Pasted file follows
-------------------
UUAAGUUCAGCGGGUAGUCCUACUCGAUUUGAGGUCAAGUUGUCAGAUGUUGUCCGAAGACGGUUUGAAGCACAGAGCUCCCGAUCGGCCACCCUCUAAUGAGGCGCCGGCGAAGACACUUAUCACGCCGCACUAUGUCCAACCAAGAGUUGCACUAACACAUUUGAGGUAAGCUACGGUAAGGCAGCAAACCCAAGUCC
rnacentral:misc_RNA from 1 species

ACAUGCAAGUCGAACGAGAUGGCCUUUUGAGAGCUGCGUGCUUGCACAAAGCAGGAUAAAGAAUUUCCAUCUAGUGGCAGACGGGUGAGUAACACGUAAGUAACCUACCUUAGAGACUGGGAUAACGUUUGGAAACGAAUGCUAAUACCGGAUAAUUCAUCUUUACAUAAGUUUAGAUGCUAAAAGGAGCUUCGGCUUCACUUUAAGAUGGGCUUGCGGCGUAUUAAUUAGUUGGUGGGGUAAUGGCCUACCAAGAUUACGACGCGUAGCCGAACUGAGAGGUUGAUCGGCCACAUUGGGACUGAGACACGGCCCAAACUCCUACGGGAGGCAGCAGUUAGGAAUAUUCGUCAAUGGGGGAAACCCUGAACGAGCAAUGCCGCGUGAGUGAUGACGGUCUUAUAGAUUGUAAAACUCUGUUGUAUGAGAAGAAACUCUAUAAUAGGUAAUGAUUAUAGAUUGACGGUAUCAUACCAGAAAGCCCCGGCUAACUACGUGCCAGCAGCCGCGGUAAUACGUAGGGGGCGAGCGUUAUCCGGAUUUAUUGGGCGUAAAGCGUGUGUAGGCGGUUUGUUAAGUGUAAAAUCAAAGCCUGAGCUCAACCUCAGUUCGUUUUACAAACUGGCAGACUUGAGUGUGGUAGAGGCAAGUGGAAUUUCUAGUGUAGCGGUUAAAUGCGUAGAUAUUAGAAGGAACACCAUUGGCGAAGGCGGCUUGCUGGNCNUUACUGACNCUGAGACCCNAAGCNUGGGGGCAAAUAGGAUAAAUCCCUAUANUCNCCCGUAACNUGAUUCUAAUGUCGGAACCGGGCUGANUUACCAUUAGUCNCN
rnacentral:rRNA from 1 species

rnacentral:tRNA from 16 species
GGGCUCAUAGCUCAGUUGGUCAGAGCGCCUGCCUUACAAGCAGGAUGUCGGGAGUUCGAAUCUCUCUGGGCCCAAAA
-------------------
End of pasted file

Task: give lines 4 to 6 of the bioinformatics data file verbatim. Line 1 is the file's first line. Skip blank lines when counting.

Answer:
rnacentral:rRNA from 1 species

rnacentral:tRNA from 16 species
GGGCUCAUAGCUCAGUUGGUCAGAGCGCCUGCCUUACAAGCAGGAUGUCGGGAGUUCGAAUCUCUCUGGGCCCAAAA